Imagine this statement in 1 sentence; the industrial market/logistics is at an all-time high, triple-net cap rates are increasing nationally, the multi-family sector is on fire in major metro markets but predicting a major change, and single-family inventory is at historically low levels, but prices have dropped overall…doesn’t make sense does it?  It never will.  Too many people are trying and always have categized the real estate market inaccurately, it is location/market specific and it always will be.  Downtown Seattle’s condo market is NOT the same as the Raleigh-Durham, N.C. market and while we are inter-connected more than ever, these predictions and assumptions of the future are dangerous if taken seriously.  I have witnessed the retail market in the Herald Square/NYC market drop nearly in half over the last year but not be as affected or even increase in the suburbs.  I have seen the multi-family market explode in secondary markets with commuting proximity to NY, then a historically retail only site get sold for a near record high for an industrial building.  Its crazy and nuts and even the markets have their own stories within them depending on what category of real estate it is.  You see that’s the thing, trends are all about the market and the category.  I’m genuinely concerned for any one that makes a real estate decisions or voices an opinion based on what they read or hear about on “national levels” or “averages” ….the U.S. is a vast and diverse market. Now I know what you’re thinking, where are your datapoints and my response is; my experiences, what I do every day.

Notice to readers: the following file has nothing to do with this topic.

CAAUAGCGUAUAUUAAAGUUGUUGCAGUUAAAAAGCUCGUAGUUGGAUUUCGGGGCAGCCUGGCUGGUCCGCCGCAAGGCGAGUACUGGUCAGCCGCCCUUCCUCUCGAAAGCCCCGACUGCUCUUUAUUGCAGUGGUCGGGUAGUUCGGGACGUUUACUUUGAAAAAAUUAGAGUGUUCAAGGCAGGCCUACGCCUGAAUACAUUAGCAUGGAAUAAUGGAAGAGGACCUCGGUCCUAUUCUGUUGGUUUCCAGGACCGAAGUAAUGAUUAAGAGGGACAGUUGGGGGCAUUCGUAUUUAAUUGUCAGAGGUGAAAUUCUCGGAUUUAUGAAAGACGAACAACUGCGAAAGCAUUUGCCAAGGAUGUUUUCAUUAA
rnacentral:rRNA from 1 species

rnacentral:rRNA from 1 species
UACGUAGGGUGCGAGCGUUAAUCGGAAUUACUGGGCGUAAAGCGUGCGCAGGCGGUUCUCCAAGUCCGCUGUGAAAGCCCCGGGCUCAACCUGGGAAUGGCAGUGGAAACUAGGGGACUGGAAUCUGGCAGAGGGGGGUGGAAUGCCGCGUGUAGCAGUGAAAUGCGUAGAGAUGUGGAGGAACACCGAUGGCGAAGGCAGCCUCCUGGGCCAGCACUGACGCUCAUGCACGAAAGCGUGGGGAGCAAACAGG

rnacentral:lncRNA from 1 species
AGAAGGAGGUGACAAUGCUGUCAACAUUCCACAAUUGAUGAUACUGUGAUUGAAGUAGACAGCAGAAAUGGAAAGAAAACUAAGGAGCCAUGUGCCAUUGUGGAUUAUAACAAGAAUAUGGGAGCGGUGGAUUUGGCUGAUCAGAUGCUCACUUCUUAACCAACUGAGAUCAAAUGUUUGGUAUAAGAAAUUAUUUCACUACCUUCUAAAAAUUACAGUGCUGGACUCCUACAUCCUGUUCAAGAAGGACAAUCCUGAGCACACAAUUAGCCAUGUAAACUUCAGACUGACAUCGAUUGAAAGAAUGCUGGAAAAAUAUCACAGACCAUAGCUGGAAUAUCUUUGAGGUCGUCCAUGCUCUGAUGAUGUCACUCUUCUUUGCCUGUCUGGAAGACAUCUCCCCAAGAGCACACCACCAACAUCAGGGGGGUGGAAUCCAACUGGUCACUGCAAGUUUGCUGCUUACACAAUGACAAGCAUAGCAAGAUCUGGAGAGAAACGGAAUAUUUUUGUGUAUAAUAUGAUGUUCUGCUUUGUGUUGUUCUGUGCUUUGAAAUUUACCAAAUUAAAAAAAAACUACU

So we are now at this weird point in history with GDP GROWTH, unemployment near record lows, interest rates still very low, but a sense that a storm in brewing in the CRE sector and perhaps it is but no one can really put their finger on it.  And in some cases, pricing is dropping, and inventory is not moving as quickly.  My underlying point is that I would caution anyone to pay too much unnecessary attention to a general statement about the real estate market.  Know your market and what’s happening in it, the jobs, the new residential, the university’s expansion or contraction of drivers.  Keep the national or averages on the peripheral and be aware of them but don’t cash-in your 401K because of an article you read in a publication or saw on social media.

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